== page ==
Small Business Credit Loosens Up
Written by Marilyn Bowden on May 23, 2013
By Marilyn Bowden
Growing a small business requires access to credit, and lending is not yet not at pre-recession standards. But the market provides some less orthodox solutions, and local entrepreneurs are finding ways to thrive.
Defining what a small business is can be tricky. The US Small Business Administration, commonly called the SBA, assigns different criteria to each of hundreds of business types; the number of employees fluctuates from a maximum of 500 to three times that in some instances.
Even a 500-employee ceiling exceeds the size of most Miami-Dade businesses, said Eliot Abbott, a partner in the law firm Hinshaw and Culbertson with a wide range of entrepreneurial clients.
"To me, by South Florida standards, it’s 25 employees or less," he said. "In that range, if you are relatively new to the marketplace, credit is still ridiculously tight.
"For those in business for five or more years with good credit, banks are loosening up, particularly if it is secured lending, you are a customer of the bank and you’re in a business they are comfortable with, because they can’t sit on the money forever and never make a loan."
For Stonegate Bank, a boutique private bank, that comfort level implies an enterprise somewhat larger than Mr. Abbott’s definition of "small business."
"Our sweet spot is in the $3 million to $5 million range," said Market President Erin Knight.
However, she said, in general, local banks generated a lot of loan activity in fourth quarter 2012 due to uncertainty surrounding the fiscal cliff.
Lending practices depend to a significant extent upon bank regulators, and Ms. Knight said she doesn’t see those regulations relaxing any time soon.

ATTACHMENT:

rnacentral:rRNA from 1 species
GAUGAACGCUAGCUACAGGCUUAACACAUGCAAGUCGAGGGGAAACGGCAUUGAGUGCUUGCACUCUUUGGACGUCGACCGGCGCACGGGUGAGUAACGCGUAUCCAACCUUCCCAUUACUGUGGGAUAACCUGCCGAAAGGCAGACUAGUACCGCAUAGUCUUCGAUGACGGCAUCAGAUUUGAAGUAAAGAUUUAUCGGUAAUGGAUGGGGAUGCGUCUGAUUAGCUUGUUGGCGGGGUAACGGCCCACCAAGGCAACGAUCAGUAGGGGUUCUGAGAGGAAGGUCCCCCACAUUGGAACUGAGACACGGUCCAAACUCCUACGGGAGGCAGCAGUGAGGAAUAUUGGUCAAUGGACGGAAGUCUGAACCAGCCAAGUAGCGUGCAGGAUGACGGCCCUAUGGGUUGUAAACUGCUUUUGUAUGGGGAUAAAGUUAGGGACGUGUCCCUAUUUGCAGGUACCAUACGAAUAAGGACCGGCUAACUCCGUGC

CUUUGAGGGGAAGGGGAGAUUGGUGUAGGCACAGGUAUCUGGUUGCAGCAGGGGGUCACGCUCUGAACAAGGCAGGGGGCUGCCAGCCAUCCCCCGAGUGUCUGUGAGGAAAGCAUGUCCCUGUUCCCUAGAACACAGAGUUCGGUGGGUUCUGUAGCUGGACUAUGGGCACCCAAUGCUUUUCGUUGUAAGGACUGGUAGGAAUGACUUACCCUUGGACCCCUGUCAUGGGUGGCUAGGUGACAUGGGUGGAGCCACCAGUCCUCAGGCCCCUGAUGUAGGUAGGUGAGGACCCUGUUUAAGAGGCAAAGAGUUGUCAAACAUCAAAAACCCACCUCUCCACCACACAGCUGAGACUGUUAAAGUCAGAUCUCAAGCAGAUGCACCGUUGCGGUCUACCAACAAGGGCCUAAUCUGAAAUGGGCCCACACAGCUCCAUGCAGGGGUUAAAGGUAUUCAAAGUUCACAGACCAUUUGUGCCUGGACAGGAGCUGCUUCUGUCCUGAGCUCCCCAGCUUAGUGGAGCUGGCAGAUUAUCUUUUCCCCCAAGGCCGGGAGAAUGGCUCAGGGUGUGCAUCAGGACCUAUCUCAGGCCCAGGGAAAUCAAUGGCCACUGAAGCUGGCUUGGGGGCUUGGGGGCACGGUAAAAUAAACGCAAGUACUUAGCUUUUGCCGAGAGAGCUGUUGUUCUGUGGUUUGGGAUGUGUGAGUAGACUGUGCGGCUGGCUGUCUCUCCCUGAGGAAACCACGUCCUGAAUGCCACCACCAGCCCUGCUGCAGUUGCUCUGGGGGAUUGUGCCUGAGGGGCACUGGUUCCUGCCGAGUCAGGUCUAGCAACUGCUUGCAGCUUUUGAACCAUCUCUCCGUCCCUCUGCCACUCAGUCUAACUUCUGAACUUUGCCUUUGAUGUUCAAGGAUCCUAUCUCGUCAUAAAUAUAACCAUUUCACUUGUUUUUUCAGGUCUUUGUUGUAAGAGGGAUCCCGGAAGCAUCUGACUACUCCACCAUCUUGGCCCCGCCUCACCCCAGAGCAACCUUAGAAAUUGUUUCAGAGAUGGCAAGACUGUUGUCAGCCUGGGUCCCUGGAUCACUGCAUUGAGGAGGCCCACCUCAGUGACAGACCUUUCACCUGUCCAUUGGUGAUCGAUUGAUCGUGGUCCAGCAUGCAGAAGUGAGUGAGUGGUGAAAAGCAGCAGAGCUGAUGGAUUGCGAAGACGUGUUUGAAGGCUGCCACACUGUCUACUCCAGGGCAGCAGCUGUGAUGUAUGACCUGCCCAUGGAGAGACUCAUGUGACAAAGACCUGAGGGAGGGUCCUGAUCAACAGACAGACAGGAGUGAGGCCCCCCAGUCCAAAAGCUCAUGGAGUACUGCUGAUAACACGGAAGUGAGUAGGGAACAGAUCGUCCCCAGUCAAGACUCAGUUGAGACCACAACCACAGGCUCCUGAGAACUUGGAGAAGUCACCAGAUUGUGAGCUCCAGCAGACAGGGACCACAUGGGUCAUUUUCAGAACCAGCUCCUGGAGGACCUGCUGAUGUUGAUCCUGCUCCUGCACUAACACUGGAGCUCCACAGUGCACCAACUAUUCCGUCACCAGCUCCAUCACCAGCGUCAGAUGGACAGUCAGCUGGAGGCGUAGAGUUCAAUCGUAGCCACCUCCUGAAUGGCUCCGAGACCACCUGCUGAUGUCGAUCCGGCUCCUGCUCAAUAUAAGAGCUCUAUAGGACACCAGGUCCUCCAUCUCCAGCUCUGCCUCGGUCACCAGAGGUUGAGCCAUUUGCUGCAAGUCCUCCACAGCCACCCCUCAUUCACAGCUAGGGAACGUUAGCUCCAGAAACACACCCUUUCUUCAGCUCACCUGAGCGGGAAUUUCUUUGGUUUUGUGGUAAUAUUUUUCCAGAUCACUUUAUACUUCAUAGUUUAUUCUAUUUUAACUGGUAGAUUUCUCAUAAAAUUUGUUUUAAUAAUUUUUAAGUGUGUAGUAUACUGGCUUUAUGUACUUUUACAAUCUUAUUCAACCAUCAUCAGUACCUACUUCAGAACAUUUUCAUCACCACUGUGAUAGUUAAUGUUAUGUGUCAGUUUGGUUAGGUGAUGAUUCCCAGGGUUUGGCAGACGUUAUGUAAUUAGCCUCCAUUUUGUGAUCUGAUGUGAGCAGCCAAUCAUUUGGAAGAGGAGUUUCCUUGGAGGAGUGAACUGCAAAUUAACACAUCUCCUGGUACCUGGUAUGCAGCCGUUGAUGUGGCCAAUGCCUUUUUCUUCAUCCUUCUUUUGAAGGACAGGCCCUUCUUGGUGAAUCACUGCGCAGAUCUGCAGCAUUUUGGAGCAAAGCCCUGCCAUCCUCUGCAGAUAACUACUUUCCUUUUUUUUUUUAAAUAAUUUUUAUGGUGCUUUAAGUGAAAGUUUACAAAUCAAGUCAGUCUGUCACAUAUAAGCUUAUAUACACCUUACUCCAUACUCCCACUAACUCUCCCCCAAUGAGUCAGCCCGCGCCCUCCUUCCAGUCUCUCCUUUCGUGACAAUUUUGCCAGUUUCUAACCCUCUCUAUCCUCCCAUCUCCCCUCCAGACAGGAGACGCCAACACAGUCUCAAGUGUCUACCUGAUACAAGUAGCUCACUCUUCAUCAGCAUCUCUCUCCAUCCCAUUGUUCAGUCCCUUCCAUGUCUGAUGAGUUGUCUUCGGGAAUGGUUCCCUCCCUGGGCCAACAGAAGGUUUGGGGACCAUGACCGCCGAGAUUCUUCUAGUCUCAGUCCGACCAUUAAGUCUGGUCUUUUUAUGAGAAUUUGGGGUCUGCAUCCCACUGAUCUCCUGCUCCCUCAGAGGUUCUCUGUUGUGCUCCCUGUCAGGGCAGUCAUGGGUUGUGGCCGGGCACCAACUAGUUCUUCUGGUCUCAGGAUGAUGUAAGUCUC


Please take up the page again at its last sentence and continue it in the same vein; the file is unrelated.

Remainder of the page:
"Given what we’ve been through in the past several years," she said, "there’s not a lot of will in Congress to ease up on bank regulations.
"It’s a new world of financing for small business. Companies have learned how to operate with fewer employees and more efficiency, so those still left are stronger than they were five years ago."
SBA-backed lending is on the rise, said SBA South Florida District Director Francisco "Pancho" Marrero. So far this fiscal year, the numbers are ahead of last year.
"One of the reasons for this is the revised and simplified application process for SBA’s Small Loan Advantage program," he said. In that program, he said, the number of approved loans during the first six months of this year is nearly triple the volume for all of fiscal 2012.
"Another factor contributing to this increase in lending that will likely help for the next five years is the recovery of the housing market," Mr. Marrero said. "Small business owners are slowly regaining equity in homes that can be used as collateral.
"We also expect to see more increases in Export and Foreign Trade loans as South Florida port facilities are improved and railroad lines expanded."
However, although the local office has drawn many new lenders to SBA loan programs, he said, "without the larger banks that wrote many SBA-backed loans before the economic downturn, we may not see a return to the lending volume we had before 2009."
In response to the scarcity of bank loans, some nontraditional sources of capital are coming to the fore.
"I’m seeing manufacturers extending credit to distributors beyond 30 days to as long as 90 days," Mr. Abbott said. "They view credit differently than banks do.
"Equity players are investing in growing companies, either as equity or mezzanine debts, and there are some big niches for that.
"Also, there’s a huge population of noncitizens who live here and have trouble getting US bank loans now. Those players get money from other banks."
In general, he said, the economy, even in the non-real estate world, is coming back.
"It is not roaring," Mr. Abbott said, "but there is more optimism among small business owners, and the legal work I am doing for them — new contracts, new financing, even a couple of employment agreements for upper-level management — are consistent with growth."To read the entire issue of Miami Today online, subscribe to e-MIAMI TODAY, an exact digital replica of the printed edition.